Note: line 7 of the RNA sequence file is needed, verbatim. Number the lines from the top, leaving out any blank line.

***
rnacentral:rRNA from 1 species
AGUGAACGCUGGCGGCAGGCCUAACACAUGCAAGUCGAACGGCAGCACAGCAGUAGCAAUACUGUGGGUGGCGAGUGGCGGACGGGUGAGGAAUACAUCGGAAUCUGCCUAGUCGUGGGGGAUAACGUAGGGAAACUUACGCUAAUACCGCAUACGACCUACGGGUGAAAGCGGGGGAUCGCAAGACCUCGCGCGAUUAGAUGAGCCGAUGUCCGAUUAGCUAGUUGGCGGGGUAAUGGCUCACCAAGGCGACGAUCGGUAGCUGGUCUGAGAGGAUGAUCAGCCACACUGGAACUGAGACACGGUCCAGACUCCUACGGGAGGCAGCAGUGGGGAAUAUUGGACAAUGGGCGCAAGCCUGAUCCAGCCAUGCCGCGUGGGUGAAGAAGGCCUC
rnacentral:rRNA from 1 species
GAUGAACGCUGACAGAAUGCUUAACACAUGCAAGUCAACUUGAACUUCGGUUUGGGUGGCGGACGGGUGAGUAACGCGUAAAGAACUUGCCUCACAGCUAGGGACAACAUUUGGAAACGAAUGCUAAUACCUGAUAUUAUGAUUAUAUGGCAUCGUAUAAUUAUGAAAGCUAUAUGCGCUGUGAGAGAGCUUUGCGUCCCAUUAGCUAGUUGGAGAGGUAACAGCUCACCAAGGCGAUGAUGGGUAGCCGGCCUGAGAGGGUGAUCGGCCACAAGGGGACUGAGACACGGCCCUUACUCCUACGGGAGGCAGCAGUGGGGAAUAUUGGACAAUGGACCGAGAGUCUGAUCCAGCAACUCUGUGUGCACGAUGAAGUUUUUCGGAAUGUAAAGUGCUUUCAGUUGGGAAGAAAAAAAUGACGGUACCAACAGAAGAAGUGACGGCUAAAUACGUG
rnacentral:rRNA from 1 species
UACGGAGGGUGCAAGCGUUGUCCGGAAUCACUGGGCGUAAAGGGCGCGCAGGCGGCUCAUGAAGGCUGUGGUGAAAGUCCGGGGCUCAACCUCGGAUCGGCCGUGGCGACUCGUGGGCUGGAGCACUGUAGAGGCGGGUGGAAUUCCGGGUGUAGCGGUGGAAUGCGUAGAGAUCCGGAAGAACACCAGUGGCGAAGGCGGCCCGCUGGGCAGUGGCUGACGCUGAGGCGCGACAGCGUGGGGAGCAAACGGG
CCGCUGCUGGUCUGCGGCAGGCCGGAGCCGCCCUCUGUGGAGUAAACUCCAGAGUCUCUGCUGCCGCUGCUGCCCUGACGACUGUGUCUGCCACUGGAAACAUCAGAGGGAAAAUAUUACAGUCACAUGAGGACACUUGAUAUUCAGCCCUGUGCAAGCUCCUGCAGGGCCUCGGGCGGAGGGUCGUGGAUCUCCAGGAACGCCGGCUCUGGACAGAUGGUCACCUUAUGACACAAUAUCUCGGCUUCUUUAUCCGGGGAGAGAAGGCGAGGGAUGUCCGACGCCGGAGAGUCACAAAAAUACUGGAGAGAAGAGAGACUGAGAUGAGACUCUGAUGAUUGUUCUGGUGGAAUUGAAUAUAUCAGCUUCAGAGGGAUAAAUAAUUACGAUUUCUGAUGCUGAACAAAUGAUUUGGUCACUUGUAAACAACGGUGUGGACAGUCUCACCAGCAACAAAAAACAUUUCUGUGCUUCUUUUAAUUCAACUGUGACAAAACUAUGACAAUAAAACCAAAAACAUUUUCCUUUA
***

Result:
CCGCUGCUGGUCUGCGGCAGGCCGGAGCCGCCCUCUGUGGAGUAAACUCCAGAGUCUCUGCUGCCGCUGCUGCCCUGACGACUGUGUCUGCCACUGGAAACAUCAGAGGGAAAAUAUUACAGUCACAUGAGGACACUUGAUAUUCAGCCCUGUGCAAGCUCCUGCAGGGCCUCGGGCGGAGGGUCGUGGAUCUCCAGGAACGCCGGCUCUGGACAGAUGGUCACCUUAUGACACAAUAUCUCGGCUUCUUUAUCCGGGGAGAGAAGGCGAGGGAUGUCCGACGCCGGAGAGUCACAAAAAUACUGGAGAGAAGAGAGACUGAGAUGAGACUCUGAUGAUUGUUCUGGUGGAAUUGAAUAUAUCAGCUUCAGAGGGAUAAAUAAUUACGAUUUCUGAUGCUGAACAAAUGAUUUGGUCACUUGUAAACAACGGUGUGGACAGUCUCACCAGCAACAAAAAACAUUUCUGUGCUUCUUUUAAUUCAACUGUGACAAAACUAUGACAAUAAAACCAAAAACAUUUUCCUUUA